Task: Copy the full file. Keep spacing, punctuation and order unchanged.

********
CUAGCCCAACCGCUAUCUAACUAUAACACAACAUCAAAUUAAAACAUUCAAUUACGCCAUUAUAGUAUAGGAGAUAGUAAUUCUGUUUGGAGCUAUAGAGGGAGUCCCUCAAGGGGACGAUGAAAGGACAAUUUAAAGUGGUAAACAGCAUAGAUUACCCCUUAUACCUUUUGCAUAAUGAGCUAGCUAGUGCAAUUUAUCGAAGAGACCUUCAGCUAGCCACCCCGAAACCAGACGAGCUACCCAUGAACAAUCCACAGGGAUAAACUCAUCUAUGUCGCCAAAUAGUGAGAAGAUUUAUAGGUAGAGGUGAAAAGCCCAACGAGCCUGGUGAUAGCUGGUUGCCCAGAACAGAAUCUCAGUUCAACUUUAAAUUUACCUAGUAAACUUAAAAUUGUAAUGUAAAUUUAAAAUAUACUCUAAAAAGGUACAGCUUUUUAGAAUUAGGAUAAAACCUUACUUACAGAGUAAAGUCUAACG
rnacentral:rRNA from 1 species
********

CUAGCCCAACCGCUAUCUAACUAUAACACAACAUCAAAUUAAAACAUUCAAUUACGCCAUUAUAGUAUAGGAGAUAGUAAUUCUGUUUGGAGCUAUAGAGGGAGUCCCUCAAGGGGACGAUGAAAGGACAAUUUAAAGUGGUAAACAGCAUAGAUUACCCCUUAUACCUUUUGCAUAAUGAGCUAGCUAGUGCAAUUUAUCGAAGAGACCUUCAGCUAGCCACCCCGAAACCAGACGAGCUACCCAUGAACAAUCCACAGGGAUAAACUCAUCUAUGUCGCCAAAUAGUGAGAAGAUUUAUAGGUAGAGGUGAAAAGCCCAACGAGCCUGGUGAUAGCUGGUUGCCCAGAACAGAAUCUCAGUUCAACUUUAAAUUUACCUAGUAAACUUAAAAUUGUAAUGUAAAUUUAAAAUAUACUCUAAAAAGGUACAGCUUUUUAGAAUUAGGAUAAAACCUUACUUACAGAGUAAAGUCUAACG
rnacentral:rRNA from 1 species